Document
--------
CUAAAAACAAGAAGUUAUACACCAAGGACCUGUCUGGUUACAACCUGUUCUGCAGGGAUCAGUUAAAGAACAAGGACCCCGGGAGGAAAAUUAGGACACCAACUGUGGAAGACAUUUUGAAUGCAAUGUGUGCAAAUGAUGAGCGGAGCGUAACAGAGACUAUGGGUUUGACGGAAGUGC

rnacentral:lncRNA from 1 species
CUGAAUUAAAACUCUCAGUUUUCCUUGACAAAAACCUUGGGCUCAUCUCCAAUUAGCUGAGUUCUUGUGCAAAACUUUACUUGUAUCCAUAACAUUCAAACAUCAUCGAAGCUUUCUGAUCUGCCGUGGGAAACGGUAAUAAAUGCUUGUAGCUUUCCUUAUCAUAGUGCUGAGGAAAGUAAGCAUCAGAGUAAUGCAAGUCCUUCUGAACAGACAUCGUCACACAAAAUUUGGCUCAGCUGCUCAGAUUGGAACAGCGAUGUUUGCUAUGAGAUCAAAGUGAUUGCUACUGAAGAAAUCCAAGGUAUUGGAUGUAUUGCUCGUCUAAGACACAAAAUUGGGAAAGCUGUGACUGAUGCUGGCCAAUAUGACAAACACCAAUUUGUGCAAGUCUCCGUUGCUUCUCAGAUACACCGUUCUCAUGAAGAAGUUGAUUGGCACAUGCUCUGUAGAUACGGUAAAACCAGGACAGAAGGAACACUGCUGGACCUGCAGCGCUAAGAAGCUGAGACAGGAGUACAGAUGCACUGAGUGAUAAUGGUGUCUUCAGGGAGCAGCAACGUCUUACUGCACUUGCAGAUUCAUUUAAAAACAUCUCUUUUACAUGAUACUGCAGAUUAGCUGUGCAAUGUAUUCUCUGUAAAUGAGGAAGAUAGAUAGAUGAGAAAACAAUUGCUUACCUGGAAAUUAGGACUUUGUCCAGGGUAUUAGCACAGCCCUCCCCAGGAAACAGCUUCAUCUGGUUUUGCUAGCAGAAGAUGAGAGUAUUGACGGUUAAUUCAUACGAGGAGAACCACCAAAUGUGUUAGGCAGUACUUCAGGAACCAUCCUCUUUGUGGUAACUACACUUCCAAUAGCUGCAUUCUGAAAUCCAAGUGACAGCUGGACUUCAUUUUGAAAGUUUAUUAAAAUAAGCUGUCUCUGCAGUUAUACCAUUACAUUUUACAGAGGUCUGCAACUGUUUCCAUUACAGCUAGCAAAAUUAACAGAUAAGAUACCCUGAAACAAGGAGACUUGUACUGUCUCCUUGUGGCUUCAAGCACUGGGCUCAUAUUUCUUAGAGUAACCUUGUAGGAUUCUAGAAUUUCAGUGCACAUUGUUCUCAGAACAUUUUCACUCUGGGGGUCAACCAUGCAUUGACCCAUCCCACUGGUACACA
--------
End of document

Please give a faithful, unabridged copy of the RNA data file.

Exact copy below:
CUAAAAACAAGAAGUUAUACACCAAGGACCUGUCUGGUUACAACCUGUUCUGCAGGGAUCAGUUAAAGAACAAGGACCCCGGGAGGAAAAUUAGGACACCAACUGUGGAAGACAUUUUGAAUGCAAUGUGUGCAAAUGAUGAGCGGAGCGUAACAGAGACUAUGGGUUUGACGGAAGUGC

rnacentral:lncRNA from 1 species
CUGAAUUAAAACUCUCAGUUUUCCUUGACAAAAACCUUGGGCUCAUCUCCAAUUAGCUGAGUUCUUGUGCAAAACUUUACUUGUAUCCAUAACAUUCAAACAUCAUCGAAGCUUUCUGAUCUGCCGUGGGAAACGGUAAUAAAUGCUUGUAGCUUUCCUUAUCAUAGUGCUGAGGAAAGUAAGCAUCAGAGUAAUGCAAGUCCUUCUGAACAGACAUCGUCACACAAAAUUUGGCUCAGCUGCUCAGAUUGGAACAGCGAUGUUUGCUAUGAGAUCAAAGUGAUUGCUACUGAAGAAAUCCAAGGUAUUGGAUGUAUUGCUCGUCUAAGACACAAAAUUGGGAAAGCUGUGACUGAUGCUGGCCAAUAUGACAAACACCAAUUUGUGCAAGUCUCCGUUGCUUCUCAGAUACACCGUUCUCAUGAAGAAGUUGAUUGGCACAUGCUCUGUAGAUACGGUAAAACCAGGACAGAAGGAACACUGCUGGACCUGCAGCGCUAAGAAGCUGAGACAGGAGUACAGAUGCACUGAGUGAUAAUGGUGUCUUCAGGGAGCAGCAACGUCUUACUGCACUUGCAGAUUCAUUUAAAAACAUCUCUUUUACAUGAUACUGCAGAUUAGCUGUGCAAUGUAUUCUCUGUAAAUGAGGAAGAUAGAUAGAUGAGAAAACAAUUGCUUACCUGGAAAUUAGGACUUUGUCCAGGGUAUUAGCACAGCCCUCCCCAGGAAACAGCUUCAUCUGGUUUUGCUAGCAGAAGAUGAGAGUAUUGACGGUUAAUUCAUACGAGGAGAACCACCAAAUGUGUUAGGCAGUACUUCAGGAACCAUCCUCUUUGUGGUAACUACACUUCCAAUAGCUGCAUUCUGAAAUCCAAGUGACAGCUGGACUUCAUUUUGAAAGUUUAUUAAAAUAAGCUGUCUCUGCAGUUAUACCAUUACAUUUUACAGAGGUCUGCAACUGUUUCCAUUACAGCUAGCAAAAUUAACAGAUAAGAUACCCUGAAACAAGGAGACUUGUACUGUCUCCUUGUGGCUUCAAGCACUGGGCUCAUAUUUCUUAGAGUAACCUUGUAGGAUUCUAGAAUUUCAGUGCACAUUGUUCUCAGAACAUUUUCACUCUGGGGGUCAACCAUGCAUUGACCCAUCCCACUGGUACACA